Despite the widespread use of screw feeders in industry for the transport of
particulate materials, there has been no attempt to derive a detailed, mechanics-based
model. Such a model would assist in optimal design of screw feeders. In this investigation,
we have studied powder flow in a single-screw feeder, as the first step towards modelling
flow in a twin-screw feeder.
We first constructed a mechanics-based model by enforcing the balances of linear
and angular momentum on a suitably chosen continuum element. With the assumptions
that the granular medium moves as a rigid body that slips along the surfaces of the screw
and barrel, and neglecting the effects of gravity and friction on the screw surface, we obtain
the discharge rate for a given angular velocity and screw geometry. We show that the
discharge can be maximized by setting the ratio of the screw pitch p to barrel diameter d
to a specific value. Thus, despite the assumptions that simplify the analysis, the model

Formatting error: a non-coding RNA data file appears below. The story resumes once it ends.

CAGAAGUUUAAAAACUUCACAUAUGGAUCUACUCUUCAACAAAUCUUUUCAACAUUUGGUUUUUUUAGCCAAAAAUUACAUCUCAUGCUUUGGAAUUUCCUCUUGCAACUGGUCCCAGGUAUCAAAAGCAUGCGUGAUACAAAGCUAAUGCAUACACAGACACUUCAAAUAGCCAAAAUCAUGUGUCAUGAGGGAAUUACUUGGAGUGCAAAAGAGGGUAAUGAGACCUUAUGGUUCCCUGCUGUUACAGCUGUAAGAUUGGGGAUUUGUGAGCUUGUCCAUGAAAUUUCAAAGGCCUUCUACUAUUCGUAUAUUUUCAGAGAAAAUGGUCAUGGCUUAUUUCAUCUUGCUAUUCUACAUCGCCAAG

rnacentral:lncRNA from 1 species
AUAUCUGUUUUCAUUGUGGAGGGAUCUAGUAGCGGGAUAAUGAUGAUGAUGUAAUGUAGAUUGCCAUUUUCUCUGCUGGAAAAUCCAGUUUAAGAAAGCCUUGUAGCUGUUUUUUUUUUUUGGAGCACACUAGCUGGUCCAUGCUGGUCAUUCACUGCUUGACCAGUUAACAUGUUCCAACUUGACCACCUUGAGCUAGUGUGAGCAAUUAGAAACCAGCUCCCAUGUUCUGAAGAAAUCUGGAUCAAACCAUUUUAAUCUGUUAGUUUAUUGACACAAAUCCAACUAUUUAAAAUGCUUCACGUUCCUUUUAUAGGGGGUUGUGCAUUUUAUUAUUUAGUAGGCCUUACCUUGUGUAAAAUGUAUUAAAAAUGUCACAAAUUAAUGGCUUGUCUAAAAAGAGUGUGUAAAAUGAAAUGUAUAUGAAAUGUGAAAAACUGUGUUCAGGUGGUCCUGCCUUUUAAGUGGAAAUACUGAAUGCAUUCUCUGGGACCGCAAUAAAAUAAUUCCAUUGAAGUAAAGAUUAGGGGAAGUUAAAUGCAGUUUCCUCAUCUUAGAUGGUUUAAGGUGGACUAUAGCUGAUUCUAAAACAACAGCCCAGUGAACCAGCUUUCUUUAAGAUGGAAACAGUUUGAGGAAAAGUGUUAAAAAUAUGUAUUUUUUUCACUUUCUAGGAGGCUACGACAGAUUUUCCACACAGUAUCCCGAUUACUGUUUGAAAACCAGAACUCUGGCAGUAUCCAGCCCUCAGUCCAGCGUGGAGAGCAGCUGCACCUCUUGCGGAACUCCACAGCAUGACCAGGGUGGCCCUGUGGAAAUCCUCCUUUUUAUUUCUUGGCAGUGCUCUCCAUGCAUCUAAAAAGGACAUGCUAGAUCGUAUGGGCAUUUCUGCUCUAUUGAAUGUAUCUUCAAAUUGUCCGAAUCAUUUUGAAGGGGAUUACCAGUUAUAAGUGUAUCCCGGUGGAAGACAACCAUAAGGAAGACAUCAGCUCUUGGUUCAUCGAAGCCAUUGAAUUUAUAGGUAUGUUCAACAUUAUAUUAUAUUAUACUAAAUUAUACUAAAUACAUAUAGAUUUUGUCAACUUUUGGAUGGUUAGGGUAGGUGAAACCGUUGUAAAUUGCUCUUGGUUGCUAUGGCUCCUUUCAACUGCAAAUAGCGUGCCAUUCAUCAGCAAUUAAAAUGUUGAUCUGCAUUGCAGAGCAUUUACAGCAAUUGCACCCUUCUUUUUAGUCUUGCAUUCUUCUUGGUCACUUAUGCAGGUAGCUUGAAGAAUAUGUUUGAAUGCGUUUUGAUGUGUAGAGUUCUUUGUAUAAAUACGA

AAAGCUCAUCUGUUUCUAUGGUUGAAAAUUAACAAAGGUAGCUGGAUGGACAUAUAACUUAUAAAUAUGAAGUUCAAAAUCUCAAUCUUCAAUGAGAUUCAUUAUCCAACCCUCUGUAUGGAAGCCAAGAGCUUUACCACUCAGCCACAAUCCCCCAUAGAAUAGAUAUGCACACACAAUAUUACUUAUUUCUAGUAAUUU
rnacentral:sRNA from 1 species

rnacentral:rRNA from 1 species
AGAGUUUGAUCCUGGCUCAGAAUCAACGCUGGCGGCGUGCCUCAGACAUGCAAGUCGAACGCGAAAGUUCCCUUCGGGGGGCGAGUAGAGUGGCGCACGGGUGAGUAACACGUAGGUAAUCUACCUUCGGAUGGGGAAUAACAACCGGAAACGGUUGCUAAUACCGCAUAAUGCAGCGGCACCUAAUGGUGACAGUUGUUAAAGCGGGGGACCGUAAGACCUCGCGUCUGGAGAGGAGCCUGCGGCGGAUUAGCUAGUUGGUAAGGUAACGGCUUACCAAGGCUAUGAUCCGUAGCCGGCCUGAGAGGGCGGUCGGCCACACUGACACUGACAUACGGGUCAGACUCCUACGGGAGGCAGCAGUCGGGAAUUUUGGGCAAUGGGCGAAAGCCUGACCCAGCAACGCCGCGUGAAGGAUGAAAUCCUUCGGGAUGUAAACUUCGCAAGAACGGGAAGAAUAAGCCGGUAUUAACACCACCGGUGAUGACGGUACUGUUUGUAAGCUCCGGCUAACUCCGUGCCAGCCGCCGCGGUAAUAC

yields a non-trivial result that could be useful in the design of screw feeders.
We then studied the detailed flow within the screw feeder for non-cohesive particles
by particle dynamics simulations using the discrete element method (DEM). Our
simulations show that a significant fraction of the material does indeed exhibit solid body
motion, in agreement with the assumption of the model. We find the prediction of the
model to be in excellent agreement with the results of the DEM simulations for a
frictionless screw in the absence of gravity. We then assess the effect of relaxing the
conditions of no friction at the screw surface and no gravity, employed in the model. We
find that the discharge rate exhibits the same qualitative trend, in that there is an optimum
value of p/d at which the feed rate is maximum. Thus, the qualitative dependence of the
volumetric discharge rate on the geometry of the feeder is not altered by the introduction
of gravity and friction at the screw surface.
Our ongoing work is to model dynamical changes in the feed rate, due to
fluctuations in the inlet flow or spontaneous fluctuations within the screw – this was the
request of several IFPRI members at the GBM. For this, we are implementing a non-local
constitutive model for the stress that accounts for dilatancy. We have recently built an
experimental screw feeder assembly to test our model predictions, provide insight into the
detailed flow, and motivate further refinement in our modelling efforts.